Top tips to make sure the coronavirus articles you’re reading are NOT fake news

Top magazine editor reveals her top tips to make sure you are not reading fake coronavirus news. Pic

Top magazine editor reveals her top tips to make sure you are not reading fake coronavirus news. Picture: pixabay - Credit: Archant

As coronavirus spreads, so does the fake news. We reveal some helpful tips to make sure what you are reading is current and accurate.

Everything published by us has been fact checked and produced by fully trained journalists working to the Editors’ Code of Practice.

However, elsewhere on the internet, conspiracy theories, false information, and photoshopped images are being widely shared.

Trying to distinguish fact from fiction is increasingly difficult, especially due to the spread of misinformation in services such as WhatsApp and Facebook.

Ruth Sparkes editor of the free magazine Future Mag has given us some of her top tips on identifying when we’re being fed fake news.

• Where did the info come from?

Look at the publication or site and look at its other stories – consider whether there is any other possible dodgy content.

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• Is it current?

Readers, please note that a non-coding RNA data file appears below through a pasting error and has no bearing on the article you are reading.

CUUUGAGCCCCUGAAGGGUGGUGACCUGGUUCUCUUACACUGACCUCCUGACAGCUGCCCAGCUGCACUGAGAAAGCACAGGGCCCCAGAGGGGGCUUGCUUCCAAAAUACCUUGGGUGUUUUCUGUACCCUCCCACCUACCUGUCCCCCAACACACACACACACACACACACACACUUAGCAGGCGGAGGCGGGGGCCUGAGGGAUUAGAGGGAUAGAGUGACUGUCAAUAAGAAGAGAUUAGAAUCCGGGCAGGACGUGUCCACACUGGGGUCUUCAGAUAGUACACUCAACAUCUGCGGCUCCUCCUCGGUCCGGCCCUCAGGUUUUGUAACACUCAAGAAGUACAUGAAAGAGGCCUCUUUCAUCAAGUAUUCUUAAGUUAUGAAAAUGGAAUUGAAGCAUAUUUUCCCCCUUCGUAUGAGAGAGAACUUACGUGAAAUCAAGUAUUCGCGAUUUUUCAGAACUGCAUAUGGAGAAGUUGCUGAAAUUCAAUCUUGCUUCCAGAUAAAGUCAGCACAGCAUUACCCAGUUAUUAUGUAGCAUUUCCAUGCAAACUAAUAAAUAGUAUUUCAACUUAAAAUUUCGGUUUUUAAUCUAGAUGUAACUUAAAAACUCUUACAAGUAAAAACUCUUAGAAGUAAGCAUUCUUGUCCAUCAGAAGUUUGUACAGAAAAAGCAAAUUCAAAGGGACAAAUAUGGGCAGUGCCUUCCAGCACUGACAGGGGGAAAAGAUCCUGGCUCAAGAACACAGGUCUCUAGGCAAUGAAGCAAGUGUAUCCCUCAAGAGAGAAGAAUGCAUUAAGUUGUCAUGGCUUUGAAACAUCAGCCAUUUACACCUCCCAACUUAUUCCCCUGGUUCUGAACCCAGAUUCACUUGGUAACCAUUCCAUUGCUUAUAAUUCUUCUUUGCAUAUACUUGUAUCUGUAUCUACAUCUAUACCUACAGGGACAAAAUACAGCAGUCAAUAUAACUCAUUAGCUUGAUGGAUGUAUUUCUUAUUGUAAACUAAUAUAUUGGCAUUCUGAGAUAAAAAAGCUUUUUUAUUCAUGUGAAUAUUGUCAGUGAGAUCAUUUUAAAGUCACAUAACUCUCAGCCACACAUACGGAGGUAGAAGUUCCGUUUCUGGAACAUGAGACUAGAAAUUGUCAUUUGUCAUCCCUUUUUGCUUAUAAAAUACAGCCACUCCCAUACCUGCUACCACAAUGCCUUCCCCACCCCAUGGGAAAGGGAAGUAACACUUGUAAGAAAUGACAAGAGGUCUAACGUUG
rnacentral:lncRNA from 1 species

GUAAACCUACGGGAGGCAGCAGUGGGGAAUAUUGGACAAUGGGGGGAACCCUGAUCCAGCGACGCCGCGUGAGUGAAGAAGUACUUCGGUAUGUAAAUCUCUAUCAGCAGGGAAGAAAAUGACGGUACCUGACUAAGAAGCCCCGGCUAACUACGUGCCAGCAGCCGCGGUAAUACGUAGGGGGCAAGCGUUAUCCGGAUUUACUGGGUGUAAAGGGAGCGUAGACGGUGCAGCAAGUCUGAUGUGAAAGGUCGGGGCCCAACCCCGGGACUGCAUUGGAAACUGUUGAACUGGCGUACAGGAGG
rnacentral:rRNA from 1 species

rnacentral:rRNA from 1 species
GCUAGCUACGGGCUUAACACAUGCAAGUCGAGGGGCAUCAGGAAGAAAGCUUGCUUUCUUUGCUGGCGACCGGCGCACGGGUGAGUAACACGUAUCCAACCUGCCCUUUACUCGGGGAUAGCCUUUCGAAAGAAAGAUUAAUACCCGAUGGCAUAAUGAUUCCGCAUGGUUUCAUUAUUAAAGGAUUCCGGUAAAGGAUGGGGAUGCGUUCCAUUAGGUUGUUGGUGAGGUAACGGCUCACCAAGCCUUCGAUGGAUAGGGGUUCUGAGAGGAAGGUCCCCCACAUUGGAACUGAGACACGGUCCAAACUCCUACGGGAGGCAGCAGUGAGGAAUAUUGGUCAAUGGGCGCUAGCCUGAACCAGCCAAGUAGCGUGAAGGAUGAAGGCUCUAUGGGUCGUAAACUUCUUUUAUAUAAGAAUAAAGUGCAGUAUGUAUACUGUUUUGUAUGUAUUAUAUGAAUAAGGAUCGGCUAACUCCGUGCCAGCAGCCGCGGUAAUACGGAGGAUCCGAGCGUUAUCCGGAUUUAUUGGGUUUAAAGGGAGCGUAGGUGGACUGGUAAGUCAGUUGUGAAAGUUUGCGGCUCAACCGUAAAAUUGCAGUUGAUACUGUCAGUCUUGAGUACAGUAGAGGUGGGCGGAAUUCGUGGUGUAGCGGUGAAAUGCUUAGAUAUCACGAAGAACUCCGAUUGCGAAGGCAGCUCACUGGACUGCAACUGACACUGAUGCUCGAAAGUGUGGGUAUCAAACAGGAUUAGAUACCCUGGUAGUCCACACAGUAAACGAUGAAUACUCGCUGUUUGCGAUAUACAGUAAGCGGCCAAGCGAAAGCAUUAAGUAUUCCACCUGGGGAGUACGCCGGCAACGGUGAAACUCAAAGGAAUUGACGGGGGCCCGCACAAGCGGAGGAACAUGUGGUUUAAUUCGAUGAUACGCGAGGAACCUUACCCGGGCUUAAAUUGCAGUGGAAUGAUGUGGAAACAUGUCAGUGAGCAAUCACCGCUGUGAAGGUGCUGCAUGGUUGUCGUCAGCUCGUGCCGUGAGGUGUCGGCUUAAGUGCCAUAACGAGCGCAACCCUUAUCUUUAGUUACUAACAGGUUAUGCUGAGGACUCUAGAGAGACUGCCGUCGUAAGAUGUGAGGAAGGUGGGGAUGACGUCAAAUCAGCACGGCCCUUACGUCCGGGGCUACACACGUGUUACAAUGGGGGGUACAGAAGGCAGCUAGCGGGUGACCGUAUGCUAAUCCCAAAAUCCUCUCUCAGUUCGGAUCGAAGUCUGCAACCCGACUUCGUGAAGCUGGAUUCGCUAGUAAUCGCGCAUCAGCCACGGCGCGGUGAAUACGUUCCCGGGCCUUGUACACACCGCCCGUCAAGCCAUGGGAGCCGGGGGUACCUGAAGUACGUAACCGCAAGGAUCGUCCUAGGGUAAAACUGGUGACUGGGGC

Sometimes a story from years ago can be re used to give the impression of ‘new’ news.

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• Look closer

Check whether the story has been published on other credible sites.

• What’s underneath the headline?

Some publications and websites use ‘click-bait’ headlines as a way to encourage you to ‘click’ on the story. Sometimes the actual story bears no resemblance to its headline.

• Research the author

If the article has a writer’s byline – Google them or checkout their social media accounts to see what other articles they’ve written, and to work out whether they might have a hidden agenda or a particular line to push.

• Check the facts

There are some great fact-checking websites such as: and to use when you’re really not sure about a story.

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